Getting Out and About with Arthritis - Rheumatology Consultant London | Rheumatologist London | Dr Stephanie Barrett

 

 

Make an enquiry or appointment

Please contact Dr Stephanie Barrett’s secretary Kate Picon on:

Tel: 020 7730 8508


Please Bring With You

A referral letter from your GP and any scans/X rays you may have with you at every appointment.

GMC No: 2825957

Bupa: 02825957

AXA PPP: SK00674

 

 

Chelsea Rheumatology Clinic
102 Sydney Street
Chelsea
London
SW3 6NJ

Lister Hospital
Chelsea Bridge Road
London
SW1W 8RH

The London Clinic Consulting Rooms
5 Devonshire Place
London
W1G 6HL

132 Harley Street
132 Harley Street
London
W1G 7JX

Many people with arthritis continue their normal lives with little difficulty. There may need to be some adaptations and modifications in the workplace and home, but usually it is possible to continue as normal. After diagnosis getting out and about and back to “normal” can be daunting but it’s important to try and maintain your independence and life, the way you want it to be. Keep these tips in mind for making sure you still get out and about and enjoy life.

1.      Recognise and Accept Change

Your joints may need more attention now. If you are experiencing pain in your joints, move around and stretch them. A simple stretch can be enough to alleviate many moderate pains and then you can continue as before. Recognising the mild signs of joint pain and acting can allow you to avoid the pain becoming more severe

2.      Walk when you Can

Don’t stop being mobile. Many people feel a diagnosis of arthritis means they need to sit down and stop moving around at all. The opposite is true. Walk as much as you can and keep your joints active. Monitoring your pain levels is essential of course, but if you can walk without difficulty, embrace it and continue to do so as before.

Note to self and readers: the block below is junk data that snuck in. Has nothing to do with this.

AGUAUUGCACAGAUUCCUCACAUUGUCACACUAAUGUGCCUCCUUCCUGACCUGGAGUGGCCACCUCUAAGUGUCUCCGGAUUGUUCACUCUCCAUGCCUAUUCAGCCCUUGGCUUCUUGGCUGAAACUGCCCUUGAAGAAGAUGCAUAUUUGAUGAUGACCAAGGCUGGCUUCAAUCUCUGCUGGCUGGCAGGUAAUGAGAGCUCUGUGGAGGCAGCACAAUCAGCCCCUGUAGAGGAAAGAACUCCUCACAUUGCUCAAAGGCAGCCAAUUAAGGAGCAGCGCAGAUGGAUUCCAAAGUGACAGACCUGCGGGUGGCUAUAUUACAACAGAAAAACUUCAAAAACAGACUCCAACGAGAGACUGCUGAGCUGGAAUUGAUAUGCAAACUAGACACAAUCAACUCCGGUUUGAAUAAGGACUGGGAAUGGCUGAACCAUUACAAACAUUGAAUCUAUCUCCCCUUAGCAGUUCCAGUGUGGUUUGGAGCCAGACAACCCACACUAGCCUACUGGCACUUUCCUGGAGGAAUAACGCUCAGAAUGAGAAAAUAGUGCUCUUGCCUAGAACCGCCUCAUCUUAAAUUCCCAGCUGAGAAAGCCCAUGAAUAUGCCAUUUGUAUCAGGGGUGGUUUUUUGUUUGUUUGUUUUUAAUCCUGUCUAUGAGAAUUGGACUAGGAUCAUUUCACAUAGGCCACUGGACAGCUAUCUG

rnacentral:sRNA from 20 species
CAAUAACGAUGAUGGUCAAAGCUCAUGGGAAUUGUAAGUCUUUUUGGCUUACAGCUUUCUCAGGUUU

3.      Pace Yourself

One of the most difficult changes arthritis patients have to consider is learning to pace themselves. Knowing your limits is key to avoiding extensive and severe pain. It can be hard to accept that you can no longer do everything you used to, but there’s no reason you can’t enjoy things at a slower and easier pace, suitable to your condition.

4.      Don’t Give Up

Some people find it hard not to simply give up on their social activities and even work after a diagnosis, especially if the pain is severe. However, in many cases there is absolutely no need. Working with your medical team and healthcare professionals, a pain management plan can be put together. Most people with arthritis still drive, work and continue as before with support of painkillers and other therapies.

The right treatment and care plan can be key to remaining as active as possible. Under the care of a professional rheumatologist patients can get the best treatment and support. To discuss your condition and treatment options with Dr Barrett, you can contact her secretary today.